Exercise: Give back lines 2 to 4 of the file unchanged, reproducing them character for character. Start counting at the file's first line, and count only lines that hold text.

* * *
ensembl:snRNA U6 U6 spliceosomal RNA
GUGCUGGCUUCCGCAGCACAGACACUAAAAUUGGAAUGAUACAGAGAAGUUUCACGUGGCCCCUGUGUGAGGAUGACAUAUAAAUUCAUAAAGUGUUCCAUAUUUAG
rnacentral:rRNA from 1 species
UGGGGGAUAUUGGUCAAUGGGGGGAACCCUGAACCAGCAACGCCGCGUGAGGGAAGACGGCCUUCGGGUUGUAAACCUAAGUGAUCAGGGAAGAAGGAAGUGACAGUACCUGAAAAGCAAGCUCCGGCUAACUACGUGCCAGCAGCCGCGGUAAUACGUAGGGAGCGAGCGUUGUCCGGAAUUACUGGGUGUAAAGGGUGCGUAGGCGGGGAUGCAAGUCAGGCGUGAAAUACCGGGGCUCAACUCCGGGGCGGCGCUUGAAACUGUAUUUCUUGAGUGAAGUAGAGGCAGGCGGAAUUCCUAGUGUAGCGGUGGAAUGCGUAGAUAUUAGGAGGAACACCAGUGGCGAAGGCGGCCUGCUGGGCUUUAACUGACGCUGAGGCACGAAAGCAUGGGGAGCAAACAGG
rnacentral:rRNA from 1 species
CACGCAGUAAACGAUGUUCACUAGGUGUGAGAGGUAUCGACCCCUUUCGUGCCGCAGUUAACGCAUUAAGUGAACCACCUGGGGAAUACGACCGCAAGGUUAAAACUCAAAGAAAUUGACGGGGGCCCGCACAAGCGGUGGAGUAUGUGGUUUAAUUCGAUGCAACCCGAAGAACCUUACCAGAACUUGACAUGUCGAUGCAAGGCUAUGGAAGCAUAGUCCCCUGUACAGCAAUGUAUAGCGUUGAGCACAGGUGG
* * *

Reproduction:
GUGCUGGCUUCCGCAGCACAGACACUAAAAUUGGAAUGAUACAGAGAAGUUUCACGUGGCCCCUGUGUGAGGAUGACAUAUAAAUUCAUAAAGUGUUCCAUAUUUAG
rnacentral:rRNA from 1 species
UGGGGGAUAUUGGUCAAUGGGGGGAACCCUGAACCAGCAACGCCGCGUGAGGGAAGACGGCCUUCGGGUUGUAAACCUAAGUGAUCAGGGAAGAAGGAAGUGACAGUACCUGAAAAGCAAGCUCCGGCUAACUACGUGCCAGCAGCCGCGGUAAUACGUAGGGAGCGAGCGUUGUCCGGAAUUACUGGGUGUAAAGGGUGCGUAGGCGGGGAUGCAAGUCAGGCGUGAAAUACCGGGGCUCAACUCCGGGGCGGCGCUUGAAACUGUAUUUCUUGAGUGAAGUAGAGGCAGGCGGAAUUCCUAGUGUAGCGGUGGAAUGCGUAGAUAUUAGGAGGAACACCAGUGGCGAAGGCGGCCUGCUGGGCUUUAACUGACGCUGAGGCACGAAAGCAUGGGGAGCAAACAGG